Open sea­son on top seeds

With the world’s old­est and most pres­ti­gious ten­nis grand slam start­ing to­mor­row, S’Bu­siso Mse­leku gives a call on what is on the line at the 2016 Wimbledon Cham­pi­onships

CityPress - - Sport -

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24

Ro­ma­nia

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Italy

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USA

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USA sk any bud­ding soc­cer player what their ul­ti­mate dream is, and chances are that they will say “to play in the World Cup”.

Move to an­other sport that is played with a smaller, hairy green ball and a rac­quet, and they are more in­clined to say Wimbledon.

The most pres­ti­gious ten­nis event is once more upon us and the green­est grass, ac­com­pa­nied by loads of straw­ber­ries and cream, will once more be wit­nessed at the All Eng­land Club in Wimbledon from to­mor­row un­til July 10.

The old­est ten­nis tour­na­ment – it started in 1877 – is the only grand slam event played on grass since the Aus­tralian Open shifted to hard courts in 1988. It’s sim­ply known as Wimbledon, while some aris­to­crats re­fer to it as “The Cham­pi­onships”.

It is in­deed the most pres­ti­gious of all four – the oth­ers are the Aus­tralian, French and US opens – and still en­joys Bri­tish royal fam­ily pa­tron­age.

Ev­ery time Wimbledon comes around, the English hope one of their own will lift the tro­phy.

The 77-year-long drought since Fred Perry won it in 1936 was bro­ken by Andy Mur­ray, who de­feated No­vac Djokovic 6-4 7-5 6-4 on 10 To­mas BERDYCH Age: Coun­try: a sun-drenched Cen­tre Court in 2013.

They are likely to meet in this year’s fi­nal again – they are seeded first and sec­ond in the world rank­ings.

How­ever, the likes of Roger Fed­erer, Stan Wawrinka and Kei Nishikori, who make up the top five in the men’s draw, will have a lot to say about who even­tu­ally claims the tro­phy.

The win­ner will also pocket the big­gest chunk from the mas­sive £28.1 mil­lion (R602 mil­lion) to­tal prize money, thanks to the lat­est 5% in­crease that has en­trenched Wimbledon as the rich­est ten­nis tour­na­ment in the world.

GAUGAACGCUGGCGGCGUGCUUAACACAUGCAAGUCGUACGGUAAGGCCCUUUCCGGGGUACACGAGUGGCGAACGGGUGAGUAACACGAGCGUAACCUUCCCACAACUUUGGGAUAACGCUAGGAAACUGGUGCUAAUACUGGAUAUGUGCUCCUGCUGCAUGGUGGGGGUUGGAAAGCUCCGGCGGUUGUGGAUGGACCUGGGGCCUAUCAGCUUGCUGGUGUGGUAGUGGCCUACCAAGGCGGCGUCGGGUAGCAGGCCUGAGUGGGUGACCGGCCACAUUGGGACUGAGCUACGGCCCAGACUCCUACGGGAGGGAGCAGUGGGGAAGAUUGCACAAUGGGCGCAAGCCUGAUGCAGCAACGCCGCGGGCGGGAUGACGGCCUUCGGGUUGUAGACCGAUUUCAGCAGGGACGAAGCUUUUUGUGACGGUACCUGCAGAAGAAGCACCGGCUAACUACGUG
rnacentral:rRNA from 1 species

The first prize is £2 mil­lion for each of the male and fe­male win­ners with the run­ner­sup pock­et­ing £1 mil­lion each.

The prize money has seen a sub­stan­tial growth since the tour­na­ment went pro­fes­sional in 1968.

This year’s to­tal prize money is a huge jump from the £26 150 pot in 1986, which saw singles win­ners in both sec­tions get £2 000 each, while run­ners-up re­ceived a pal­try £800.

When seed­ing was re­vealed on Wed­nes­day, Jo­hanna Konta be­came the first Bri­tish woman to be seeded at Wimbledon since Jo Durie in 1984.

The 25-year-old has been ris­ing in the 30 Czech Repub­lic rank­ings, mov­ing from 146th to 18th, and it came as no sur­prise when she was seeded 17th for The Cham­pi­onships.

While she sur­prised the ten­nis world by reach­ing the semi­fi­nal at the Aus­tralian Open in Jan­uary, she should be the least of top seed and world num­ber one Ser­ena Wil­liams’ prob­lems.

Wil­liams, proud owner of the fa­mous Venus Rose­wa­ter Dish in 2002, 2003, 2009, 2010, 2012 and 2015, will have more on her mind than just win­ning her sev­enth ti­tle here.

Af­ter lift­ing it last year, she was on course for a cal­en­dar grand slam (when a player wins all the ma­jor tour­na­ments in a sin­gle cal­en­dar year) and was set to equal St­effi Graf’s record 22 grand slam ti­tles.

How­ever, she stum­bled badly, first los­ing to Roberta Vinci, who had 300-1 odds go­ing into the US Open fi­nal.

Then it was Ger­man An­gelique Ker­ber who spoilt Wil­liams’ chances at the Aus­tralian Open in Jan­uary, be­fore Gar­biñe Mugu­ruza did the same at the re­cent French Open at Roland Gar­ros.

She will have to deal with the trio and a host of oth­ers who would like to claim her scalp, as well as deal with her own demons, to emerge on the other side of the dark tun­nel un­scathed.

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